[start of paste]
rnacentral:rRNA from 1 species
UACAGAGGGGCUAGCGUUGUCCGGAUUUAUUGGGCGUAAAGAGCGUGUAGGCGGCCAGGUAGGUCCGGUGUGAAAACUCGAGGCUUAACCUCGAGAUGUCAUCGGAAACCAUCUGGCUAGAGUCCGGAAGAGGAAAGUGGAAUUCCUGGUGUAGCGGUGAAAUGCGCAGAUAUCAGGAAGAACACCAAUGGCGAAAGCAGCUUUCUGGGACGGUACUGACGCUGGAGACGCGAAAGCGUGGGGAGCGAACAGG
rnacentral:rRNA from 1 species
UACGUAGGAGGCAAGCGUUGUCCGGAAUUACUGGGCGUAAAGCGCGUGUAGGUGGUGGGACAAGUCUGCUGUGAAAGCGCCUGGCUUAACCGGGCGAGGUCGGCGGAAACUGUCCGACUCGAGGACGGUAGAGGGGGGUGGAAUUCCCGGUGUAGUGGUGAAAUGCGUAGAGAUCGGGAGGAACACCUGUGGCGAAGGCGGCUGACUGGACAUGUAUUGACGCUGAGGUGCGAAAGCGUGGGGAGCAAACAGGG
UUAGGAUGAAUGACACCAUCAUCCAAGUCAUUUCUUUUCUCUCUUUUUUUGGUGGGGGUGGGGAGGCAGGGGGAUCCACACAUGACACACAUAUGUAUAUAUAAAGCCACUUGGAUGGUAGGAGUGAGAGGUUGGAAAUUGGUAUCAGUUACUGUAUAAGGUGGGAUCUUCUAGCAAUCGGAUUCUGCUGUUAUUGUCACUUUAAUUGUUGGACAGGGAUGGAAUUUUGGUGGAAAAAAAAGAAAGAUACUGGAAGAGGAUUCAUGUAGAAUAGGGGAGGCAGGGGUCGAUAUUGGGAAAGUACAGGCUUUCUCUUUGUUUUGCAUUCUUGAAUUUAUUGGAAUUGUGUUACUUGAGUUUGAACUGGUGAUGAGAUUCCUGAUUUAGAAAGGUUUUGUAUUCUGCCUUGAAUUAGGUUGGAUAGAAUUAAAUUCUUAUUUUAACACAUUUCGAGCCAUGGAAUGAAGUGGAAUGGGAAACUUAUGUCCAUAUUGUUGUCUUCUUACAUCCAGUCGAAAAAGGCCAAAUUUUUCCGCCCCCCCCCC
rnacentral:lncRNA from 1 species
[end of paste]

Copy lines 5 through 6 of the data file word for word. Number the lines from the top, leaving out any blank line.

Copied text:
UUAGGAUGAAUGACACCAUCAUCCAAGUCAUUUCUUUUCUCUCUUUUUUUGGUGGGGGUGGGGAGGCAGGGGGAUCCACACAUGACACACAUAUGUAUAUAUAAAGCCACUUGGAUGGUAGGAGUGAGAGGUUGGAAAUUGGUAUCAGUUACUGUAUAAGGUGGGAUCUUCUAGCAAUCGGAUUCUGCUGUUAUUGUCACUUUAAUUGUUGGACAGGGAUGGAAUUUUGGUGGAAAAAAAAGAAAGAUACUGGAAGAGGAUUCAUGUAGAAUAGGGGAGGCAGGGGUCGAUAUUGGGAAAGUACAGGCUUUCUCUUUGUUUUGCAUUCUUGAAUUUAUUGGAAUUGUGUUACUUGAGUUUGAACUGGUGAUGAGAUUCCUGAUUUAGAAAGGUUUUGUAUUCUGCCUUGAAUUAGGUUGGAUAGAAUUAAAUUCUUAUUUUAACACAUUUCGAGCCAUGGAAUGAAGUGGAAUGGGAAACUUAUGUCCAUAUUGUUGUCUUCUUACAUCCAGUCGAAAAAGGCCAAAUUUUUCCGCCCCCCCCCC
rnacentral:lncRNA from 1 species